A reader asks:
If a SAD person sleeps with the bedroom window covered to block night street lights, will their ability to wake in the morning be affected?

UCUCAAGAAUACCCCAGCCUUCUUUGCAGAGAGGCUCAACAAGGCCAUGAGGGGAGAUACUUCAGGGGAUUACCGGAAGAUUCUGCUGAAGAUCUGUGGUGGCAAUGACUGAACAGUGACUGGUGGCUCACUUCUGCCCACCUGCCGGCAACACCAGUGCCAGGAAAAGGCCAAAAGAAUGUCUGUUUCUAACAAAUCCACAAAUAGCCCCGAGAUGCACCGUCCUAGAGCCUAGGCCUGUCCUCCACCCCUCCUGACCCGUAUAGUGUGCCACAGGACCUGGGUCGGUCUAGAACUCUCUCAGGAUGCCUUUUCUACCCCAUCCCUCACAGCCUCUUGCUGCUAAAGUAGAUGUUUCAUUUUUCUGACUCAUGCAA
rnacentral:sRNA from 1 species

Yes, indeed. The brain needs to receive an early-morning light signal to keep sleep behavior synchronized with the external day-night cycle. That is at the heart of the light therapy effect. People with street light invading their bedrooms therefore are faced with a Catch 22. You are smart to keep your bedroom dark during the night, but you are doing this at the expense of missing the natural dawn signal. The best technological work-around is artificial dawn simulation, as described at CET fact sheets. An additional benefit of dawn simulation is that you can “force the sun to rise in a springtime pattern” while it is still dark outside in winter, which is a proven therapeutic maneuver.